Vines twining around a fence or trellis in the yard are a beautiful sight, especially when they are flowering vines. However, growing these plants is tricky if you do not have healthy soil. We’ll show you how to grow vines for poor soil and which ones are the best climbing plants to grow in your yard.
Perennial and annual vines are great plants for filling empty spaces. There are fast-growing vines that produce showy flowers all season long and climbing plants that take their time but produce stunning tendrils of a twining vine year after year.
While many plants grow best in rich and fertile soil, there are quite a few hardy vines that grow well in poor soil after they establish themselves. These vines require a little TLC when you first plant them but reward you with colorful blooms and lush green foliage throughout the growing season.
- Growing Beautiful Vines in Poor Soil
- Which Vines Grow Well in Poor Soil?
- What Kind of Soil do These Vines Require?
- How do I Grow and Maintain Vines?
- Where Should I Plant Vines in the Yard?
- Honeysuckle (Lonicera)
- Wisteria (Wisteria sinensis) – Flowering Vines for Poor Soil
- Clematis (Clematis x jackmanii)
- Trumpet Vine (Campsis radicans) – Easy-Growing Vine that Attracts Hummingbirds
- Virginia Creeper (Parthenocissus quinquefolia)
- Morning Glory (Ipomoea purpurea) – Hardy Annual Flowering Vine
- Climbing Hydrangea (Hydrangea petiolaris)
Growing Beautiful Vines in Poor Soil
Unfortunately, not every yard is packed full of rich and healthy soil. Some areas have sandy soil, while others lack the proper nutrients that many plants need to thrive. It’s easy to grow climbing plants even if you have poor soil, as long as you choose the right vines and give them a healthy start.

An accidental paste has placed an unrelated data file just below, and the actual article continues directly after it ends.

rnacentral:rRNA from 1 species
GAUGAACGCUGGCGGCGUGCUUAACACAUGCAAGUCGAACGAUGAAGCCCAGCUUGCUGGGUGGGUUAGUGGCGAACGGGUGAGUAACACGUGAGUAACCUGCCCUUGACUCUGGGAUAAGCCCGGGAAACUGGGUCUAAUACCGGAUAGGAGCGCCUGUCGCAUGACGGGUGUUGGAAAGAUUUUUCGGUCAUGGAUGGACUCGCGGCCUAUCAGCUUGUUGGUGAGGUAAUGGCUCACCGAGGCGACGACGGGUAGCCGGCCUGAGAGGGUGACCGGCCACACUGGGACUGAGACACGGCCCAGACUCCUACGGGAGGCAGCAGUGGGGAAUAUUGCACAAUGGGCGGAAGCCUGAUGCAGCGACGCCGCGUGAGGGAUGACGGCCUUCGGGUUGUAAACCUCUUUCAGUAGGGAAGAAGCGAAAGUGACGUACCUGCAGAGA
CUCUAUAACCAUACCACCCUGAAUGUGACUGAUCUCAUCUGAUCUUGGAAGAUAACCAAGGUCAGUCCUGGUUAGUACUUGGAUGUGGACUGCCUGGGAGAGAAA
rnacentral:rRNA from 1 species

If needed, amending the soil is easy, too. Get a soil test and add the proper nutrients to give your dirt a boost and grow a wide variety of plants and shrubs.
Which Vines Grow Well in Poor Soil?
Several different types of vines tolerate poor soil. Bougainvillea is an evergreen vine with a fast growth rate that thrives in harsh soil types.
Annual morning glories are also an easy-growing vine that handles less-than-efficient soil. The key to growing any vine in bad soil is to give them nutrients when you first plant them to help them get started.
What Kind of Soil do These Vines Require?
While most plants prefer a rich soil to thrive, there are ways to get around this if your soil has a lot of clay or sand.
Improve the soil by adding organic matter and ground cover to provide the young plants with the nutrients they need to establish. If you have slightly acidic soil, consider planting vines such as climbing hydrangea.
How do I Grow and Maintain Vines?
Once the vines establish, prune them to remove dead growth. Mulch and feed the plants in the spring, and train the vines during the summer.
Just like you do with evergreen ferns, water them regularly during dry periods. Clean up around the base of the vines in the fall and mulch them for late winter protection.
Where Should I Plant Vines in the Yard?
Pick an area of your yard that accommodates the sun requirements of your vine. Full sun means that plants need at least six hours of direct sunlight, partial shade means to provide it with short amounts of sun or filtered sun, and full shade means no direct sunlight.